Stoll, J. Reversing denial of motion for new trial and remanding for a new trial. Following the trial, plaintiff learned that defendant's expert testified falsely during the trial. “[H]e testified falsely about his personal involvement in the testing, as well as his experience with the relevant testing methodologies. He also withheld contradictory test results on third-party lenses known to infringe and generated at the request of [defendant's] counsel. Because these test results were not produced, [defendant's expert] testified without contradiction about alleged differences between the accused lenses and third-party lenses to show that the accused lenses did not have the claimed surface layer…  Under these circumstances, we cannot agree with the district court that this conduct did not prevent [plaintiff] from fully and fairly presenting its infringement case. The verdict was irretrievably tainted…” Dyk, J. dissented. 

A full version of the text is available in PDF form.

Cutsforth, Inc. v. Motivepower, Inc. (No. 2015-1314, 4/6/16) (Prost, Clevenger, Moore)

April 6, 2016 3:20 PM

Moore, J. Reversing Board's claim constructions and anticipation decisions in inter partes review. “The Board's interpretation of 'a projection extending from the mounting block' far exceeds the scope of its plain meaning and is not justified by the specification. We hold that the Board's interpretation, which encompasses a structure that recedes into the mounting block rather than jutting out from it, is unreasonable.” Also reversing construction that permitted a claim element to be “a sub-component of the 'beam' and still be considered to be 'coupled to the beam.'”

A full version of the text is available in PDF form.

HP Inc. v. MPHJ Technology Investments (No. 2015-1427, 4/5/16) (Lourie, Schall, Hughes)

April 5, 2016 6:50 PM

Lourie, J. Affirming Board decision in inter partes review (“IPR”). The Board instituted IPR on anticipation grounds but declined to institute on the petitioner's obviousness ground, finding that the obviousness ground was redundant.  The final written decision then found that one of the challenged claims was not anticipated. Petitioner unsuccessfully challenged the Board's refusal to institute on the obviousness ground. “[W]e cannot review [petitioner's] argument that the Board erred by instituting review on only a subset of grounds, and we conclude that the Board did not err in only addressing the instituted grounds in its final written decision… Allowing an APA challenge to the Board's decision to institute on the basis that the Board had insufficiently articulated its reasoning would eviscerate § 314(d) by allowing substantive review of the institution decision.” The Court also noted that the IPR estoppel provisions would not apply to noninstituted grounds. “[T]he noninstituted grounds do not become part of the IPR. Accordingly, the noninstituted grounds were not raised and, as review was denied, could not be raised in the IPR. Therefore, the estoppel provisions of § 315(e)(1) do not apply.”

A full version of the text is available in PDF form.

Pride Mobility Products Corp. v. Permobil, Inc. (No. 2015-1585, -1586, 4/5/16) (Reyna, Taranto, Chen)

April 5, 2016 4:35 PM

 

Taranto, J. Affirming cancellation of multiple claims of two patents related to wheelchairs. Also reversing Board's construction of “mounting plate [that] is substantially perpendicular to the drive wheel axis” and reversing cancelation of one dependent claim based on that construction.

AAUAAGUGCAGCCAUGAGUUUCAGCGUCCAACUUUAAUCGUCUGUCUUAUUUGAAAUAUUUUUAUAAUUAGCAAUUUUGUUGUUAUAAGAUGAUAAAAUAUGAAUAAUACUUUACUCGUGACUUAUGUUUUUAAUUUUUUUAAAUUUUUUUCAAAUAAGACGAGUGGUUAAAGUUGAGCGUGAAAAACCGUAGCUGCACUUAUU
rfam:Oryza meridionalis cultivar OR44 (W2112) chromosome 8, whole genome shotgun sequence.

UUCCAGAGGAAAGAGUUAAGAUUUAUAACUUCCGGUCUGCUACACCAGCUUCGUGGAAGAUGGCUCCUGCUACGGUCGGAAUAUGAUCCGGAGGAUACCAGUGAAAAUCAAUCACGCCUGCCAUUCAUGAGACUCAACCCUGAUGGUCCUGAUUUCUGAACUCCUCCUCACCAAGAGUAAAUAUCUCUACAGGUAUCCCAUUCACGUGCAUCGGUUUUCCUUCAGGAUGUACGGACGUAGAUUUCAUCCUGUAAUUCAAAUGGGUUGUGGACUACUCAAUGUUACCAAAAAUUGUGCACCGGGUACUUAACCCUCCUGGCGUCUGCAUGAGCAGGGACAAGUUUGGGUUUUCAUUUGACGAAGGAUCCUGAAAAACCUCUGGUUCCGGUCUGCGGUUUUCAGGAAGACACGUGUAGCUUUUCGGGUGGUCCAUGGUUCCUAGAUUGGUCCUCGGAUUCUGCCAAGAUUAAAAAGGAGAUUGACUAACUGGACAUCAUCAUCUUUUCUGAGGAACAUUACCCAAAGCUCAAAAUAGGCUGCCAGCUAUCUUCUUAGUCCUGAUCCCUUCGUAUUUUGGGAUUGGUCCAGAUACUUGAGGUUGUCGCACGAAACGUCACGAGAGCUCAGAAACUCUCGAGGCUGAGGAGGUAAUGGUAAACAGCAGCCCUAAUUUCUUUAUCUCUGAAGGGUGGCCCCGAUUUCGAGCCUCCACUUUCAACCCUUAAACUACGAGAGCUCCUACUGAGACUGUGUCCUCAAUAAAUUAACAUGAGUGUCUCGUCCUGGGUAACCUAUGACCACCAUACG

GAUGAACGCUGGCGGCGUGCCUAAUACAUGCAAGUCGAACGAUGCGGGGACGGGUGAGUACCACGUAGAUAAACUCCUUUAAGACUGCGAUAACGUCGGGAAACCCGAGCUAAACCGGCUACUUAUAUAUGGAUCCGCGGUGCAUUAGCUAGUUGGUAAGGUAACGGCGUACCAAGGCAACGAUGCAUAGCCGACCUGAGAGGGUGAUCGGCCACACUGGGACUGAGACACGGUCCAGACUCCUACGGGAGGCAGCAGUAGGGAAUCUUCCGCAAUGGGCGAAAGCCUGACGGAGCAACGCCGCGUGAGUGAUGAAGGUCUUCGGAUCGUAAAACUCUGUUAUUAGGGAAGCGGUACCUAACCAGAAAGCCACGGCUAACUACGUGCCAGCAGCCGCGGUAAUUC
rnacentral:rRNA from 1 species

WilmerHale represented the Appellee, Permobil, Inc.

A full version of the text available in PDF form.

Cardpool, Inc. v. Plastic Jungle, Inc. (No. 2014-1562, 4/5/16) (Newman, Reyna, Wallach)

April 5, 2016 3:18 PM

Newman, J. Affirming denial of joint motion to vacate judgment of invalidity.

A full version of the text is available in PDF form.

High Point Sarl v. Sprint Nextel Corporation (No. 2015-1298, 4/5/16) (Reyna, Mayer, Chen)

April 5, 2016 1:28 PM

Reyna, J. Affirming summary judgment that patentee is equitably estopped from prosecuting suit.

A full version of the text is available in PDF form.

Simpleair, Inc. v. Sony Ericsson Mobile (No. 2015-1251, 4/1/16) (Moore, Reyna, Wallach)

April 1, 2016 11:423PM

Wallach, J. Vacating verdict, vacating denial of JMOL and remanding with instructions to enter judgment of non-infringement. The district court incorrectly construed “data channel” and “whether said computing devices are online or offline from a data channel associated with each device” and there was no infringement under the correct construction. “The choice to use 'data channel' in claim 1 rather than 'data feed,' notwithstanding use of the latter elsewhere in the patent, lends further support to our conclusion that 'data feed' does not carry the same meaning as 'data channel.'” The Court also stated regarding claim construction that it “is true that 'interpretations that render some portion of the claim language superfluous are disfavored.' [citation omitted] The preference for giving meaning to all terms, however, is not an inflexible rule that supersedes all other principles of claim construction.”

A full version of the text is available in PDF form.

Microsoft Corporation v. Geotag, Inc. (No. 2015-1140, 4/1/16) (Lourie, Wallach, Stoll)

April 1, 2016 9:22 AM

Wallach, J. Affirming summary judgment of non-infringement and affirming subject matter jurisdiction decision. Federal Circuit law, rather than Third Circuit law, governed the question of subject matter jurisdiction. The Court found that even if the declaratory judgment complaint were dismissed or deficient, the district court properly retained subject matter jurisdiction over patent infringement counterclaims. Distinguishing DataTern, the Court stated that the DataTern decision “did not consider the distinct question of whether a district court could retain subject matter jurisdiction over a counterclaim if a complaint is dismissed or deemed defective.” “We have not addressed whether a counterclaim's permissive or compulsory status is relevant to retaining jurisdiction under 28 U.S.C. § 1338. However, nothing in the text of section 1338 suggests that Congress conditioned its grant of jurisdiction to the District Court on the compulsory or permissive nature of the counterclaim.” Regarding non-infringement, because the accused product “searches its entire database without regard to geography and then filters the results, rather than searches only within a targeted geographic area and automatically adds results from outside that area in the manner claimed by the [asserted] patent, [the accused product] does not practice 'dynamic replication' under any construction of that limitation."

A full version of the text is available in PDF form.